U.S. Sen. Jacky Rosen (D-NV), a member of both the Senate Homeland Security and Governmental Affairs Committee and the Senate Commerce, Science and Transportation Committee, joined U.S. Sens. Rob Portman (R-Ohio) and Roger Wicker (R-MS) in asking the Departments of Transportation and Homeland Security for information on cyberthreats.
The senators led a bipartisan group of 10 senators in sending a letter to Transportation Secretary Pete Buttigieg and Secretary of Homeland Security Alejandro Mayorkas in requesting information on how the two departments will meet their responsibilities to detect, prevent and respond to cyberattacks, as outlined in the National Defense Authorization Act of 2021.
“Cyberattacks on American transportation infrastructure are escalating in frequency and severity, as evidenced by the ransomware attack earlier this year on Colonial Pipeline, one of the nation’s largest pipelines, which led to the shutdown of a network that carries nearly half the gasoline, diesel, and jet fuel for the East Coast,” the senators wrote. “At the same time, many state and local transit agencies are not fully equipped to implement more than basic cybersecurity protections. In fact, a study by the Mineta Transportation Institute found that only 60 percent of transit agencies had a cybersecurity plan in place last year. As such, federal efforts to ensure that our nation is properly prepared to address cybersecurity threats to the transportation system require a delicate balance to provide critical assistance to entities that need new or additional cybersecurity support while recognizing effective practices that some entities already have in place.”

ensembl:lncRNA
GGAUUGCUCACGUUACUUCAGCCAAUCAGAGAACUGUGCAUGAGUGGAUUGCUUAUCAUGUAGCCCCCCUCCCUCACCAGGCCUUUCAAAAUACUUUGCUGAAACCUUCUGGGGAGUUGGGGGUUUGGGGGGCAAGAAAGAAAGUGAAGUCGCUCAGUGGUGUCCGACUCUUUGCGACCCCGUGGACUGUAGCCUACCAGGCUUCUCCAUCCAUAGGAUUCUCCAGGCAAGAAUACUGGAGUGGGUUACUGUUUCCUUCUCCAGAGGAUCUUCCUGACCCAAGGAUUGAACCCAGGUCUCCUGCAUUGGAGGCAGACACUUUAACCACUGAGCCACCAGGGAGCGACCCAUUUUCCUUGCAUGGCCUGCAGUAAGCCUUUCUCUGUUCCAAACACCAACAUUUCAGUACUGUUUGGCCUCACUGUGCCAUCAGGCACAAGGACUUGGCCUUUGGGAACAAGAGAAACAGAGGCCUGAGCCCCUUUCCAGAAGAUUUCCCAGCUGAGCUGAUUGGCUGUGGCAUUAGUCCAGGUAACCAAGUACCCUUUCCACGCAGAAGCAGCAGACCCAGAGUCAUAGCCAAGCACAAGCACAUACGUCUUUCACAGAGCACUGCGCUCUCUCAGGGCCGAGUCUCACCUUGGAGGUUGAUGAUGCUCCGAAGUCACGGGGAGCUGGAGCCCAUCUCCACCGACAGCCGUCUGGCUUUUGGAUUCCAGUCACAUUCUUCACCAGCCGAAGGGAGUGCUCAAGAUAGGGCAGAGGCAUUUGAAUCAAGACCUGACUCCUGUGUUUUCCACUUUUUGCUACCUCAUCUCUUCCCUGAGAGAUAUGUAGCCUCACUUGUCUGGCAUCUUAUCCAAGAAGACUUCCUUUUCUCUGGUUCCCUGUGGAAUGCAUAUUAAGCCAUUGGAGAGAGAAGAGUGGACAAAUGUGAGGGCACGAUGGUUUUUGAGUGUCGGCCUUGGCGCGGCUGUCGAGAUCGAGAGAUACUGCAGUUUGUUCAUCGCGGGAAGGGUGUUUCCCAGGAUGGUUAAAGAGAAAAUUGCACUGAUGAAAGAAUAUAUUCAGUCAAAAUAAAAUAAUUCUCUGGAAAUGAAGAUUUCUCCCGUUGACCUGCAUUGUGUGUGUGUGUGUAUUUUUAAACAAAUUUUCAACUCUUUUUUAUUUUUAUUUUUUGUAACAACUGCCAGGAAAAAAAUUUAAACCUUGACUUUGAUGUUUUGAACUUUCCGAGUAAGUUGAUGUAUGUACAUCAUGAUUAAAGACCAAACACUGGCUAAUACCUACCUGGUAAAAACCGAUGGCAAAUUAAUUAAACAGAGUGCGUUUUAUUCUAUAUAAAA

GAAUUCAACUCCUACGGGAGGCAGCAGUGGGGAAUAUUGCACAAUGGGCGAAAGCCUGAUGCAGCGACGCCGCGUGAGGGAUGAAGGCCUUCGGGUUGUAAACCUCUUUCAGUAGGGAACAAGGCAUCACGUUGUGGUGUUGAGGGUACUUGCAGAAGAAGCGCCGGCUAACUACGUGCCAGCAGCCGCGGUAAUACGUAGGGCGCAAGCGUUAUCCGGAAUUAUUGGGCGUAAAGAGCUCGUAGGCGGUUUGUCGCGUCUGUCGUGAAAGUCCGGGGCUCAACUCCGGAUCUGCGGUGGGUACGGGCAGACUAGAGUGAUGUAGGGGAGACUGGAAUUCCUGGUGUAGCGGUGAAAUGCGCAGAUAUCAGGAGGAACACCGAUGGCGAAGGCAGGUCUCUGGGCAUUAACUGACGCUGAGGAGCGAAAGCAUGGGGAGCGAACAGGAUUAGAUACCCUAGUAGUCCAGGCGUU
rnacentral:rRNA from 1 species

The group, which also consisted of Sens. Shelly Moore Capito (R-WV), Maggie Hassan (D-NH), Todd Young (R-IN), Amy Klobuchar (D-MN), Dan Sullivan (R-AR), Raphael Warnock (D-GA), and James Lankford (R-OK), asked the two agencies to provide them with information on how they would meet the six responsibilities set out by the NDAA: supporting risk sector management; assessing sector risk; coordinating between sectors; facilitating information sharing between and within sectors; supporting incident management; and contributing to emergency preparedness.
The senators also asked the two departments to identify with whom they would collaborate to avoid gaps and redundancies in federal risk management.